Nancy Gonlin, Professor of Anthropology at Bellevue College says that “Without electrical lighting to guide the way, our ancestors in the ancient world experienced night very differently than we do today...As light pollution continues to dissipate the darkness for us modern humans—changing, for example, our perception of the stars—the urgency to document the history of human experience from dusk till dawn has never been greater.”
Paul Bogard, author of “The End of Night: Searching for Natural Darkness in an Age of Artificial Light,” spent his childhood summers in a cabin on a lake in northern Minnesota, where shooting stars cut across swaths of countless stars, the Milky Way reflected off the lake, and the woods were so dark he couldn’t see his hands in front of his face. In our modern world of nights as bright as day, most of us no longer experience true darkness. Eight out of ten Americans born today won’t ever live where they can see the Milky Way. Bogard believes we should re-inhabit the darkness.
Paul Bogard is the author of The End of Night: Searching for Natural Darkness in an Age of Artificial Light, published in North America by Little, Brown, and in the UK and around the world by 4th Estate/Harper Collins. The book has been translated into German, Spanish, Japanese, Chinese, and Korean.The End of Night is available in hardcover, e-book, paperback, and audiobook. His new book, The Ground: the Life, Death, and Future Beneath Our Feet, will be published by Little, Brown in 2017. Paul is also editor of the anthology Let There Be Night: Testimony on Behalf of the Dark, a collection of essays by twenty-eight wonderful writers on the value of darkness and the costs of light pollution. His writing has appeared in print and online in Slate, Salon, Los Angeles Times, Outside, Audubon, Conservation, Reader's Digest, National Geographic, Creative Nonfiction, and elsewhere.
Dr. Christine Dixon Chris Dixon studied Classic Period Maya agricultural production and organization. She feels very fortunate to have worked at the Cerén site in El Salvador since 2005 with her dissertation advisor, Payson Sheets. Dixon’s research at the site focused on geophysical investigations and excavation of agricultural fields and the recent find of the Cerén sacbe (road). She also participated in archaeological projects Belize, Honduras, Mexico and Hawaii.
Adam Block's life-long goal to be an astronomer began at the early age of 4. He specifically selected the University of Arizona to continue his pursuits and graduated with a B.S. in Astronomy and Physics in 1996. He spent the next nine years developing and administering public outreach programs at the National Observatory (Kitt Peak). Since 2007 his dream to create foremost public outreach experiences in astronomy is being realized with a return to the University under Steward Observatory and the College of Science at the Mount Lemmon SkyCenter. Adam is most well-known for his abilities to speak and communicate difficult concepts in astronomy in simple and creative ways. Over the past 15+ years he has hosted many thousands of evenings for the public and strives to maintain quality programs that are fresh and exciting with unflagging enthusiasm. Adam is also recognized around the world as a leading astrophotographer. The images he produces as part of public outreach programs are published in magazines, books, posters, and widely on the internet. His images have graced NASA's "Astronomy Picture of the Day" website more than 70 times and have been used as reference images by amateur and professional astronomers alike. In 2012 he was the recipient of the "Hubble Award" from the Advanced Imaging Conference- one of the highest awards for work in astrophotography that is recognized around the world.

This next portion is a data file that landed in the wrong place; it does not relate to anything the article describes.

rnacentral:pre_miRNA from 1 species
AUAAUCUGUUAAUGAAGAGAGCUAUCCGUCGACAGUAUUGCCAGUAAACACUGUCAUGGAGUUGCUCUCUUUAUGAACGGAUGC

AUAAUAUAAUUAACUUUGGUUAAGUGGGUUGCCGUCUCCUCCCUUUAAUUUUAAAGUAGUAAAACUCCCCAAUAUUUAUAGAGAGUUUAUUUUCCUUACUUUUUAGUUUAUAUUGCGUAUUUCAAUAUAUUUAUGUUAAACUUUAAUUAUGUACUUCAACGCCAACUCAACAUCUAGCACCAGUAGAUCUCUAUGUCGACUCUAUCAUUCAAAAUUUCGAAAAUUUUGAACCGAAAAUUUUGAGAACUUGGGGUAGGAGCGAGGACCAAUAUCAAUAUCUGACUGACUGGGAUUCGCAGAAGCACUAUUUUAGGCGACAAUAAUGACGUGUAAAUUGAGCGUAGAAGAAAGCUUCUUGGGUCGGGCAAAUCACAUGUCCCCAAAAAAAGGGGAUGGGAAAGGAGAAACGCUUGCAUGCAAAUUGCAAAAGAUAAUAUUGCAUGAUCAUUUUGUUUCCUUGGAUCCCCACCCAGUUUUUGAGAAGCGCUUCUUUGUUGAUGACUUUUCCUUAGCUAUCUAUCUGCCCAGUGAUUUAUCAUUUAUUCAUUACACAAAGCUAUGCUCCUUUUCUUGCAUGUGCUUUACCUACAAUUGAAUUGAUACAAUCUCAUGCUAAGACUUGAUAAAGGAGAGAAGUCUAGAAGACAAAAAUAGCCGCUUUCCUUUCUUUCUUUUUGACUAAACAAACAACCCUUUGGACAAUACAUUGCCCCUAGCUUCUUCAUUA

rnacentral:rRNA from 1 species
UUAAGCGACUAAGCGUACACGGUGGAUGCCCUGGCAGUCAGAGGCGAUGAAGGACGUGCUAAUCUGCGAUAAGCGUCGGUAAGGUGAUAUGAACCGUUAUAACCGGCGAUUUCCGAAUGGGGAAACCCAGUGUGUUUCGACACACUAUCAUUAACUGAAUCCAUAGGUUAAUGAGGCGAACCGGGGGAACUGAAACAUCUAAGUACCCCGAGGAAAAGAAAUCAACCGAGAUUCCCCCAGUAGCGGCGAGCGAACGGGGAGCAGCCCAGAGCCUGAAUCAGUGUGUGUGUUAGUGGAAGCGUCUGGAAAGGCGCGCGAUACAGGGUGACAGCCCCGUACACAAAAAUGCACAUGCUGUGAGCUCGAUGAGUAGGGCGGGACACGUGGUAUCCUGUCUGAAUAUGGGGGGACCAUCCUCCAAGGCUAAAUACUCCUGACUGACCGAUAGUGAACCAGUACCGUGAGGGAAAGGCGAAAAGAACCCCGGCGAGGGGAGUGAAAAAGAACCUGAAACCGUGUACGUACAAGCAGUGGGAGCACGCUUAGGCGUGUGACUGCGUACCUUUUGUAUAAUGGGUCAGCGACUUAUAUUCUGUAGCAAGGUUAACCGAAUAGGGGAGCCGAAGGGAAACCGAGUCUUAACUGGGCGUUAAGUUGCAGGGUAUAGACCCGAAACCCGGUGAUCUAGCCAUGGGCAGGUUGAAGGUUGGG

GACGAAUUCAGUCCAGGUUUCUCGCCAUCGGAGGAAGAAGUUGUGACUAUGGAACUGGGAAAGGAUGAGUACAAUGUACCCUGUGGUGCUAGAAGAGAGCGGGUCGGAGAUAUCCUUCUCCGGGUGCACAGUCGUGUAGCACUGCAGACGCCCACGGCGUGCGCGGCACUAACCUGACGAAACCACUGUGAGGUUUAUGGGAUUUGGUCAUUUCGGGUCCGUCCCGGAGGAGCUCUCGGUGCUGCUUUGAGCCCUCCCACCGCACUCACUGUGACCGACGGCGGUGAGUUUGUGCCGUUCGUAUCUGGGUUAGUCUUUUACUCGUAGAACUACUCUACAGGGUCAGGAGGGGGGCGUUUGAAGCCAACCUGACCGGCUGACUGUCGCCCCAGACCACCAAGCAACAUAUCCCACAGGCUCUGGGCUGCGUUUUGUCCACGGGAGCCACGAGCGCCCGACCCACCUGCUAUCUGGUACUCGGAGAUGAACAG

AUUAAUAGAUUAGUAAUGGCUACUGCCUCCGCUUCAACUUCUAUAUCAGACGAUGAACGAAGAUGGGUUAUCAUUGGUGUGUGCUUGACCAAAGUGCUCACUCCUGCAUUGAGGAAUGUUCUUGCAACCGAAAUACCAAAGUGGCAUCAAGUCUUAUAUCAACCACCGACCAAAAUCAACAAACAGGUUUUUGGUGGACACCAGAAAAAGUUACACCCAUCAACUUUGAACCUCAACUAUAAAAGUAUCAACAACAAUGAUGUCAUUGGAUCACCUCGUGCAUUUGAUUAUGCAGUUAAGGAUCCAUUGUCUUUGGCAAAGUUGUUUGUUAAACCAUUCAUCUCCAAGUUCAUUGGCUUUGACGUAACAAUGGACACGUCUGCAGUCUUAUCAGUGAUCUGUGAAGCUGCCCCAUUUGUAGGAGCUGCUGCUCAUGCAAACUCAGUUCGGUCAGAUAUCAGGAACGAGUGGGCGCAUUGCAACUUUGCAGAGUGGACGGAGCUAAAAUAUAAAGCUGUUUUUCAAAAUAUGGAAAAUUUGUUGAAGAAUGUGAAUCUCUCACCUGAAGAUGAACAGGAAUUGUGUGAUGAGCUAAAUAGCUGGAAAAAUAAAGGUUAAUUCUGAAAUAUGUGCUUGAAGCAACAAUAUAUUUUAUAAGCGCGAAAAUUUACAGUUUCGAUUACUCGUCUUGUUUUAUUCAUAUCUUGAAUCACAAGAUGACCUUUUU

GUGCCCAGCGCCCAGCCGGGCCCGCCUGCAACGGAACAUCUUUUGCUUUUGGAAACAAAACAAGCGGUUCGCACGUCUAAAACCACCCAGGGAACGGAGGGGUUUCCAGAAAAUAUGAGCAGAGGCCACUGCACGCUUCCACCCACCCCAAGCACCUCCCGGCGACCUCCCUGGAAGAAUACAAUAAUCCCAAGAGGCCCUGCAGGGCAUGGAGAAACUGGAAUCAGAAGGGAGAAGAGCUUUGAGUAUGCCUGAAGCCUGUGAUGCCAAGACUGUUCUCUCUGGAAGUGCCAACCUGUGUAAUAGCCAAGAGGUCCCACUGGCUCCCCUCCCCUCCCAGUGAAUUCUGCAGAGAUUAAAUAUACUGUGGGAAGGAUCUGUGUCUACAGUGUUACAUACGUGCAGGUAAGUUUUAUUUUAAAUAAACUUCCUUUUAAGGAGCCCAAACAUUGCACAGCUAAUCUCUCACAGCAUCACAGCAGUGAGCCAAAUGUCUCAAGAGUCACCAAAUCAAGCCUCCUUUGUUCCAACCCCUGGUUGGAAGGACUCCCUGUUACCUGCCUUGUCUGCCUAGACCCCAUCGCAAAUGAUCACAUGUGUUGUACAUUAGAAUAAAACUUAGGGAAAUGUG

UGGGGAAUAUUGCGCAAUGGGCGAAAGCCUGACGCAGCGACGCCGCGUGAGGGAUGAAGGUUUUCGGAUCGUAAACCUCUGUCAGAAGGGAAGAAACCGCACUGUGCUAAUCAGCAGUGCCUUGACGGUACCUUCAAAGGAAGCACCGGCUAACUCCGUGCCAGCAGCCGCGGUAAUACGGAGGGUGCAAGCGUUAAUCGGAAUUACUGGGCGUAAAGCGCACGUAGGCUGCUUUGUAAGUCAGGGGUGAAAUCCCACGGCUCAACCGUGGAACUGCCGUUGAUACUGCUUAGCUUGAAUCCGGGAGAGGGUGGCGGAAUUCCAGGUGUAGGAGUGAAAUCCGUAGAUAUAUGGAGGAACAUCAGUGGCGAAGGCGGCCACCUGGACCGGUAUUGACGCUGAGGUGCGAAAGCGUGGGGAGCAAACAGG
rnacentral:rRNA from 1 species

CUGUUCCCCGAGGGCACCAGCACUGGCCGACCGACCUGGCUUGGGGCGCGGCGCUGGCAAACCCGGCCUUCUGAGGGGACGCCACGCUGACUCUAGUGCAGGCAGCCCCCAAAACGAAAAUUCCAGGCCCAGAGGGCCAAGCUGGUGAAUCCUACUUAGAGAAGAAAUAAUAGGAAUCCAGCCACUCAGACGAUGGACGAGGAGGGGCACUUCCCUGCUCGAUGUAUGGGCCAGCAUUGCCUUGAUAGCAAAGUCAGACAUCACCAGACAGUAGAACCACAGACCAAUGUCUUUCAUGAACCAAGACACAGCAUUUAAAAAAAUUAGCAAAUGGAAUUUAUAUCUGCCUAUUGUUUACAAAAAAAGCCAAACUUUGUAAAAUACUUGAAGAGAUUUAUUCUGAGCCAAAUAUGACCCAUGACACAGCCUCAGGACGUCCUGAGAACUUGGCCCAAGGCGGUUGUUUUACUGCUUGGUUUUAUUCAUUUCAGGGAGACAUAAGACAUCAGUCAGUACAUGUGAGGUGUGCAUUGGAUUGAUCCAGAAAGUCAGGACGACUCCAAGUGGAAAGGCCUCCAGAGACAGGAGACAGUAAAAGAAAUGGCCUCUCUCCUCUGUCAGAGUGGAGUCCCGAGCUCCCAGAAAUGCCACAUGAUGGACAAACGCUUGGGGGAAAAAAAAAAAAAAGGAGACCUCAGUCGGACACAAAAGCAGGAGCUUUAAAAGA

John Barentine, International Dark-Sky Association, is an Arizona native and comes to IDA from the “dark side” of science — professional astronomy. He grew up in Phoenix and was involved in amateur astronomy there from grade school. Later, he attended the University of Arizona, beginning research in jobs at the National Optical Astronomy Observatories and National Solar Observatory headquarters in Tucson. From 2001-06 he was on the staff of Apache Point Observatory in New Mexico, serving first as an observing specialist on the Astrophysical Research Consortium 3.5-meter telescope and then as an observer for the Sloan Digital Sky Survey.He obtained a master’s degree in physics at Colorado State University and a master’s and Ph.D. in astronomy at the University of Texas at Austin. John has contributed to science in fields ranging from solar physics to galaxy evolution while helping develop hardware for ground-based and aircraft-borne astronomy. Throughout his career, he has been involved in education and outreach efforts to help increase the public understanding of science. The asteroid (14505) Barentine is named in his honor. His interests outside of astronomy and dark skies include history, art/architecture, politics, law and current events.
Pete Strasser, International Dark-Sky Association, has been an astral photographer since age five. Pete Strasser has long been interested in the practical and aesthetic effects of light. His degree in plant pathology from the University of California, Davis, imparted detailed insight in the composition and effects of different light sources. This knowledge proved invaluable during his work as IDA’s Technical Advisor and then Technical Director from 2006-2011. After a five-year hiatus, Pete returned to his position in 2016 as the IDA Technical Director.